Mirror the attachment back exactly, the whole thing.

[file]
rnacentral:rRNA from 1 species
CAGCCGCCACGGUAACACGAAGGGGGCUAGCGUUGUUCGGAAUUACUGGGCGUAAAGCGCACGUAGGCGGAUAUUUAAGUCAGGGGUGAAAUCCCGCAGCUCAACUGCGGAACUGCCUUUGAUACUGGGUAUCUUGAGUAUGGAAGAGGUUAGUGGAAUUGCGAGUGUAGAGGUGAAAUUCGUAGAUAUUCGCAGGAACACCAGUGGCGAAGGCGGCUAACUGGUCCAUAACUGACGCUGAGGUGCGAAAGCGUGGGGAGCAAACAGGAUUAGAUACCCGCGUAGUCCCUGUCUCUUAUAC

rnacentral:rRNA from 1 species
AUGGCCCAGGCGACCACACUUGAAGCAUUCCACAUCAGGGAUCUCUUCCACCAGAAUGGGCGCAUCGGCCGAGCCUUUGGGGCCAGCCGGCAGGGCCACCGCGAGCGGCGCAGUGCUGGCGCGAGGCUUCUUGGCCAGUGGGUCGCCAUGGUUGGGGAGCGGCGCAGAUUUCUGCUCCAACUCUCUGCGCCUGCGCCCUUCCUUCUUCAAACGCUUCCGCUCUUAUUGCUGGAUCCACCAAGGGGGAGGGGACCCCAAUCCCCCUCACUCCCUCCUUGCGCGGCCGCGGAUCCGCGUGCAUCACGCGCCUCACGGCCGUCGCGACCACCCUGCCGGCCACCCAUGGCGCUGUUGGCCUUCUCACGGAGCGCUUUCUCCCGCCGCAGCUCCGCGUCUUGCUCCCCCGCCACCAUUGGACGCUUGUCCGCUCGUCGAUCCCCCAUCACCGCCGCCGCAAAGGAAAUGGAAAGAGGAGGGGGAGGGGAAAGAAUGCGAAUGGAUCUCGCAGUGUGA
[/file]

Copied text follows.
rnacentral:rRNA from 1 species
CAGCCGCCACGGUAACACGAAGGGGGCUAGCGUUGUUCGGAAUUACUGGGCGUAAAGCGCACGUAGGCGGAUAUUUAAGUCAGGGGUGAAAUCCCGCAGCUCAACUGCGGAACUGCCUUUGAUACUGGGUAUCUUGAGUAUGGAAGAGGUUAGUGGAAUUGCGAGUGUAGAGGUGAAAUUCGUAGAUAUUCGCAGGAACACCAGUGGCGAAGGCGGCUAACUGGUCCAUAACUGACGCUGAGGUGCGAAAGCGUGGGGAGCAAACAGGAUUAGAUACCCGCGUAGUCCCUGUCUCUUAUAC

rnacentral:rRNA from 1 species
AUGGCCCAGGCGACCACACUUGAAGCAUUCCACAUCAGGGAUCUCUUCCACCAGAAUGGGCGCAUCGGCCGAGCCUUUGGGGCCAGCCGGCAGGGCCACCGCGAGCGGCGCAGUGCUGGCGCGAGGCUUCUUGGCCAGUGGGUCGCCAUGGUUGGGGAGCGGCGCAGAUUUCUGCUCCAACUCUCUGCGCCUGCGCCCUUCCUUCUUCAAACGCUUCCGCUCUUAUUGCUGGAUCCACCAAGGGGGAGGGGACCCCAAUCCCCCUCACUCCCUCCUUGCGCGGCCGCGGAUCCGCGUGCAUCACGCGCCUCACGGCCGUCGCGACCACCCUGCCGGCCACCCAUGGCGCUGUUGGCCUUCUCACGGAGCGCUUUCUCCCGCCGCAGCUCCGCGUCUUGCUCCCCCGCCACCAUUGGACGCUUGUCCGCUCGUCGAUCCCCCAUCACCGCCGCCGCAAAGGAAAUGGAAAGAGGAGGGGGAGGGGAAAGAAUGCGAAUGGAUCUCGCAGUGUGA